Thursday, 12 August 2010

Designer Luggage: The Case for Globe-Trotter

I'm off on holiday to West Wittering in Sussex for a few days - actually it's more of a working holiday, as I'm combining it with our summer brochure photo shoot.

Packing for my sojourn is easy: I just throw a few polo shirts, linen shirts, shorts and boat shoes into my well-worn canvas holdall and I'm done, adding at the last minute a waterproof jacket (because it may rain) and a couple of sweaters (because it's bound to be cold). Oh, and swimwear too, which will no doubt remain in my bag as the water will be freezing.

But when it comes to packing for a business trip halfway across the world, it is a different matter entirely, as I need to take my suits, jackets, proper shoes and numerous shirts and ties with me - invariably I find that I pack too much kit.

Fortunately, I own a couple of large and battered Globe-Trotter trunks which pretty much accommodate my entire wardrobe. I have always admired the Globe-Trotter range as it is solid, reliable and well-made holiday luggage. The cases are constructed from a vulcanised board which is so tough it's reputed that the lid of the case can withstand the weight of an elephant's foot!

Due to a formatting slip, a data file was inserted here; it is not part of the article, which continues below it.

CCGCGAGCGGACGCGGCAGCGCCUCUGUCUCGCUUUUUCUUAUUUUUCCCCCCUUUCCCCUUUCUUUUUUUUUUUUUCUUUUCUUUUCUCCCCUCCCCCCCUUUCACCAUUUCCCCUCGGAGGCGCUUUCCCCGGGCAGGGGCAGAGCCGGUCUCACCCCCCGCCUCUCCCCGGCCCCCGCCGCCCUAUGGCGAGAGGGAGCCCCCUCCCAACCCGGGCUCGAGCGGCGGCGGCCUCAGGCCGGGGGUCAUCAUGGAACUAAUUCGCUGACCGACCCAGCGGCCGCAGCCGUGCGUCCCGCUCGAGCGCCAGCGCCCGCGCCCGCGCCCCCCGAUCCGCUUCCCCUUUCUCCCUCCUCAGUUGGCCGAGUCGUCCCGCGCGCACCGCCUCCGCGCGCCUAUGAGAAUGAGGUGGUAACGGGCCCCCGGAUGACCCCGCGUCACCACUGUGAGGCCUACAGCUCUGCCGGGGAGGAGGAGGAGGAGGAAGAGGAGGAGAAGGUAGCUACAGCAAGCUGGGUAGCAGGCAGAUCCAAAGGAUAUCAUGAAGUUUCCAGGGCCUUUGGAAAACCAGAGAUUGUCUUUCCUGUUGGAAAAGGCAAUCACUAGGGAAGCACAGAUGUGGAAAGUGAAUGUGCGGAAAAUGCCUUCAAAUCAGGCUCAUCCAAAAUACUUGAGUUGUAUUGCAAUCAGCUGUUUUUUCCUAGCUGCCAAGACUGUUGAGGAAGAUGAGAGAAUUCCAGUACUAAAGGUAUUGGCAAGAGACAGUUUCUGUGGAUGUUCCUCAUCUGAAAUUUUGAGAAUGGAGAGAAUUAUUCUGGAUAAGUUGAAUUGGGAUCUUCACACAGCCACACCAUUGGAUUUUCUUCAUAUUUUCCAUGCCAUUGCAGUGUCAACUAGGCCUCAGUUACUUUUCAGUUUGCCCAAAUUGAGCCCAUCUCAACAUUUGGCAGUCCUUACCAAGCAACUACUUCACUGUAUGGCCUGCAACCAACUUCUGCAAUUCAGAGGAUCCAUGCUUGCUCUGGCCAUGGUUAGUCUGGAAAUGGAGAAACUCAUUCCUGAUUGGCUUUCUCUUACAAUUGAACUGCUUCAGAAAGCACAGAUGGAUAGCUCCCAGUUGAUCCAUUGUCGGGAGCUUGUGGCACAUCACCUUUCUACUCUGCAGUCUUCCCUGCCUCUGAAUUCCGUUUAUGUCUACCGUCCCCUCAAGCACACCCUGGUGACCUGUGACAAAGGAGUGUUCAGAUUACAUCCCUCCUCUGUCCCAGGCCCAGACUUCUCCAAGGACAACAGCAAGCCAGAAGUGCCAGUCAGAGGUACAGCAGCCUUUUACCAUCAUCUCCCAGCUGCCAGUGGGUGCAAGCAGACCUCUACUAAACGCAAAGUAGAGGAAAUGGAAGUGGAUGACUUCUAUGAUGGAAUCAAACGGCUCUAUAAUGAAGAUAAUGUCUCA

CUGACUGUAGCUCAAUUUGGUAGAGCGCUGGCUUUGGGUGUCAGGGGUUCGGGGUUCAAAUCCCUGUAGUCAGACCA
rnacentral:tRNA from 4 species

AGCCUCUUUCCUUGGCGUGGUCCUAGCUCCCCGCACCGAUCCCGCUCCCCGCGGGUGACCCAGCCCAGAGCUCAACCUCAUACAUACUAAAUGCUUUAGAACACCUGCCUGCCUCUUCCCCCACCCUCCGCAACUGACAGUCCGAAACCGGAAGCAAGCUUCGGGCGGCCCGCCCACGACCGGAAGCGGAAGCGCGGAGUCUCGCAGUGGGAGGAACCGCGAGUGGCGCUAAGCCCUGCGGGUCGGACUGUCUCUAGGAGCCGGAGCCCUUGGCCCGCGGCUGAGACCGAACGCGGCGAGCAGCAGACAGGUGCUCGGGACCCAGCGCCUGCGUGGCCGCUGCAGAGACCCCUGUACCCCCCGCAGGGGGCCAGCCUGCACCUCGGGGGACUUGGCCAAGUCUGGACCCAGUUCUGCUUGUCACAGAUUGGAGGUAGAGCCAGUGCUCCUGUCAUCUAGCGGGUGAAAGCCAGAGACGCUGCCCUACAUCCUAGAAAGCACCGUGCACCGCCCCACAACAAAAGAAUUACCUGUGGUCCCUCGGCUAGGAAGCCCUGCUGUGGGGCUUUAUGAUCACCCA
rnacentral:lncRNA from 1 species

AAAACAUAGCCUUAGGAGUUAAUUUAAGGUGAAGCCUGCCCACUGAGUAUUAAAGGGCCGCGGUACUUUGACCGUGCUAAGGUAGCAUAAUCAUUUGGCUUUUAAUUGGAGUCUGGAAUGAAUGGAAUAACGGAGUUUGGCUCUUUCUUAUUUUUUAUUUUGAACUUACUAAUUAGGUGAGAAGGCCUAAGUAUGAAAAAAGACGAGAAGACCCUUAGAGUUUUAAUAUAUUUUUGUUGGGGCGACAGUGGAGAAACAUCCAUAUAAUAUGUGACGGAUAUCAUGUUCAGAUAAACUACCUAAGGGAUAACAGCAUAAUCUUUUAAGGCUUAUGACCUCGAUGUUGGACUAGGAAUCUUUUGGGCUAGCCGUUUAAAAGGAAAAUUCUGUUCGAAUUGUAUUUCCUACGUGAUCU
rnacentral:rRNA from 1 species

What I find so appealing about these suitcases is that they are so understated and discreet. In an age of 'bling', they are an example of restrained luxury at its best. I particularly like the smart deco chrome locks that fasten with a reassuring click as smooth as the closing of Aston Martin's doors.

I recently had the opportunity to work with Globe-Trotter on an exclusive range of designer luggage for Hackett, which has proved so popular that I shall continue to collaborate with them for next season.

At the end of the month I am going to India on business, and on my travels there if I get trampled on by rampaging elephants, I can at least be assured that my Globe-Trotter luggage will remain intact. I rest my case.

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